Why Onion-Like Carbons Make High-Energy Supercapacitors
Simulations explain experimental results for electrical storage devices
June 1, 2012
The two most important electrical storage technologies are batteries and capacitors. Batteries can store a lot of energy, but have slow charge and discharge rates. Capacitors generally store less energy but have very fast (nearly instant) charge and discharge rates, and last longer than rechargeable batteries. Developing technologies that combine the optimal characteristics of both will require a detailed understanding of how these devices work at the molecular level.
Electrical double-layer (EDL) capacitors, also called supercapacitors or ultracapacitors, offer the usual fast charging and discharging rates of conventional capacitors but also have higher power density, high capacitance, and excellent durability, thus bridging the gap between batteries and conventional capacitors. Commercial supercapacitors are currently used to power electric vehicles, portable electronic equipment, and other devices.
Carbon-based materials are the most widely used electrodes for supercapacitors, and researchers looking for ways to improve supercapacitor technology are especially interested in graphene because of its unique electrical, thermal, mechanical, and chemical properties. But given that graphene can form stripes, tubes, balls, ribbons, and other useful shapes, an important question is how shape affects EDL electrical properties.
Experiments have shown that onion-like carbons (OLCs), which consist of concentric graphene spheres, offer ultrahigh energy density and charging/discharging rates in supercapacitors, but the experiments did not reveal the physical origin of this phenomenon. Researchers in the DOE’s Fluid Interface Reactions, Structures and Transport (FIRST) Energy Frontier Research Center designed molecular dynamics simulations, using a variety of software made available by NERSC staff, to explain the relationship between capacitance and electrode potential in supercapacitors consisting of an OLC electrode suspended in a room-temperature ionic liquid.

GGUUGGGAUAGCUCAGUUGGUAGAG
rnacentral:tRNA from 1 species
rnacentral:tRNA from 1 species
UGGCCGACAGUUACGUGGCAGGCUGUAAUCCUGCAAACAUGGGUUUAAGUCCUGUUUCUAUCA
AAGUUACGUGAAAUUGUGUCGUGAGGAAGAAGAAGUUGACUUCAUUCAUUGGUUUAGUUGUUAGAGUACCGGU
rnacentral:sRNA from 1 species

By varying the radius of the OLC spheres, they were able to understand the influence of electrode curvature and size. Simulations showed that the surface charge density in OLCs increases almost linearly with the potential applied at the OLC’s electric double layer. This leads to a nearly flat differential capacitance-versus-potential curve—unlike the bell or camel shaped curves observed for planar electrodes—and could potentially inspire the design of supercapacitors with much more stable capacitive performance. The simulations also explained why the capacitance of the OLC increases as the size, and thus curvature, of the OLC decreases. More compact or more uniform onions and better electrolytes could boost performance, especially for applications that require large bursts of power, long lifetimes, and high storage capacities.
Publication: Guang Feng, De-en Jiang, and Peter T. Cummings, “Curvature Effect on the Capacitance of Electric Double Layers at Ionic Liquid/Onion-Like
About NERSC and Berkeley Lab
The National Energy Research Scientific Computing Center (NERSC) is the primary high-performance computing facility for scientific research sponsored by the U.S. Department of Energy's Office of Science. Located at Lawrence Berkeley National Laboratory, the NERSC Center serves more than 4,000 scientists at national laboratories and universities researching a wide range of problems in combustion, climate modeling, fusion energy, materials science, physics, chemistry, computational biology, and other disciplines. Berkeley Lab is a U.S. Department of Energy national laboratory located in Berkeley, California. It conducts unclassified scientific research and is managed by the University of California for the U.S. DOE Office of Science. »Learn more about computing sciences at Berkeley Lab.